The latest entry featuring our favorite crawling, warring invertebrates, will be familiar to anyone who has spent time chucking Holy Hand grenades at friends since the 90s. Developer Team 17’s Worms Revolution rejuvenates the potentially stale formula by fine-tuning its strategic combat, adding customization, and keeping the humor fans have grown accustom to.
At its core, Worms Revolution plays just like the other titles in the series with players controlling a squad of worms with a single objective to exterminate another squad of worms. To help achieve this, you are provided with a variety of wacky weapons, items, and gadgets. Your arsenal will range from standard shotguns and grenades to the hilarious ‘Concrete Donkey’ and ‘Old Lady’ as well as some new fun items like ninja ropes and jet-packs.
The tone is still lighthearted and humorous with gameplay requiring cautious movements, positioning, and item management across four colorful and cartoony 2.5D environments – sewer, beach, spooky, and farmyard. Although the playing fields are still restrictive, backgrounds come to life thanks to filthy rats scurrying around the sewer, alligators appearing in waste water and seagulls flying around in the beach levels. The game’s revitalized sense of humor is further enhanced by the great voiceover work from comedian Matt Berry as wildlife documentary commentator Dan Keystone.
The single player campaign is spread across thirty-two missions as players navigate past various environmental hazards in order to achieve goals such as eliminating an opposing team or rescuing a stranded ally. None of the single-player missions are particularly challenging, but they are a good way to get used to the controls before heading over to the multiplayer. While puzzle mode presents players with completing an objective with severely limited weapon choices and terrain of varying fidelity.
Worms Revolution implements a new class system with the standard Soldier now joined by Scientists, who heal the team with each turn, Scouts, who can squeeze through tight spaces and help with item collection, and Heavies, who are extremely slow but dish out the most damage. Players must purchase these classes with credits earned throughout the game. On the battlefield they each have their place, and missions will require substantial teamwork. A bunch of new customization options allow you to mix and match your squad into personalized formations, while everything from their uniforms to their victory dances can be changed as well.
There’s also a greater emphasis on physics and environmental effects that players can use to there advantage. As you inch your way through a level, you’ll come across destructible and moveable items like fire drums, pocket lighters, water bottles, and more. Water in particular is heavily focused upon, with new weapons like the water bomb and water strike allowing you to drown your foes, hinder their movements and chip away at their health with each passing turn. While these effects function just fine, the water physics are nowhere near realistic as drops act more like chunks before they merge with the environment.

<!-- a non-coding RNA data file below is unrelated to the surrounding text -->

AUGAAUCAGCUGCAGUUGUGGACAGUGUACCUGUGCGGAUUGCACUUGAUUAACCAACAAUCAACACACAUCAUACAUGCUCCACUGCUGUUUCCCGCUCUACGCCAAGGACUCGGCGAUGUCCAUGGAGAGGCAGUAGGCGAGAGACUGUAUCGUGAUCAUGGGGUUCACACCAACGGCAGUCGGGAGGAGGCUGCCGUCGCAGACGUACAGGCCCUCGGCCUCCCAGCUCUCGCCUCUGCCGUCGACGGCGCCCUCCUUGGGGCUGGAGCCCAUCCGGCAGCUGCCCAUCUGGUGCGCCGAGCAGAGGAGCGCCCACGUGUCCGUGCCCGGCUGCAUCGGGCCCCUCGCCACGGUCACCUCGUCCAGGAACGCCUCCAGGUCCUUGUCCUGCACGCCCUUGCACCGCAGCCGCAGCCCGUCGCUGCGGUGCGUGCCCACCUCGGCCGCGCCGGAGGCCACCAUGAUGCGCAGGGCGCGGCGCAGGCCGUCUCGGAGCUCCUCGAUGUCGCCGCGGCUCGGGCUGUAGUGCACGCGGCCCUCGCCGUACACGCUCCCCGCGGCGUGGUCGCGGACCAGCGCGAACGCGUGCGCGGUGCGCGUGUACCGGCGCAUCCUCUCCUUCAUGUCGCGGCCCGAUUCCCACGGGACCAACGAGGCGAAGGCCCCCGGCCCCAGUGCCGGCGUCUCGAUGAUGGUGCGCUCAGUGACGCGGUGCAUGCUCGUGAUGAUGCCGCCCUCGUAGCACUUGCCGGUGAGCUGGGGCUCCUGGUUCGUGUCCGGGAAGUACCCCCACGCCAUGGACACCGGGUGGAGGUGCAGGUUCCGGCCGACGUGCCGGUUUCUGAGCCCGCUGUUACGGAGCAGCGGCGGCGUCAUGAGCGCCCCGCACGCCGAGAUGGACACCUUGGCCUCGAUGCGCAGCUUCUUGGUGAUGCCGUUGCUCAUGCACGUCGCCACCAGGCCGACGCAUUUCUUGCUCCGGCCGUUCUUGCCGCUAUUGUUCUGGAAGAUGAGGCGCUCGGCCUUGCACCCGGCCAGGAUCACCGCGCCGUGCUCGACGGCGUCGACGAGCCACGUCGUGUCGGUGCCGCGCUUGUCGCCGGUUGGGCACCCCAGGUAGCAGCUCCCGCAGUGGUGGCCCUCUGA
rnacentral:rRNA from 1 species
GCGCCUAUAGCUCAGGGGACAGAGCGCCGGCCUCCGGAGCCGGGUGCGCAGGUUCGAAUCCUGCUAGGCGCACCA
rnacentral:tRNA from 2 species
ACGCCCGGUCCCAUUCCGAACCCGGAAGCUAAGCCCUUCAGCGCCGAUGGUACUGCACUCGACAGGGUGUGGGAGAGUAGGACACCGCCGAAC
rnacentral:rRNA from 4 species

While Revolution does feature a fun single-player campaign and puzzles modes, it still best enjoyed with friends. Three basic multiplayer modes – Deathmatch, Forts, and Classic – can be played either locally or online with up to four people. Deathmatch is the same 2D warfare, with each worm taking its turn to attempt to take out the opposing teams with a bazooka or kamakazi sheep. Forts mode places players at opposite side of the screen with two forts made up of tunnels and separated by a distinct gap. Given the durability of the Worms formula, it’s good to have more than one kind of mode to keep the experience stimulating. Players can also create their own levels within the multiplayer modes, adjusting things like the damage worms will take from a fall, available weapons, and the time limit for each turn.
Worms: Revolution is more than simply a HD rehash of a beloved franchise. Team 17 has done a great job at modernizing the series that was beginning to show its age and packaging it in a way to entice new players but including the classic gameplay that earned it such a loyal fan-base.
Editor’s Note: Worms Revolution was reviewed using a XBOX 360 copy of the game. If further investigation reveals any substantial differences between the 360 edition and the PS3 edition of the game, this review will be updated to reflect those differences.
Release Date: September 24, 2012 • Publisher/Developer: Team17 • Genre: Strategy • Multiplayer: 2 – 4 players • Achievements: Moderate • Cost: $14.99 (1200 MS Points) • Replay Value: High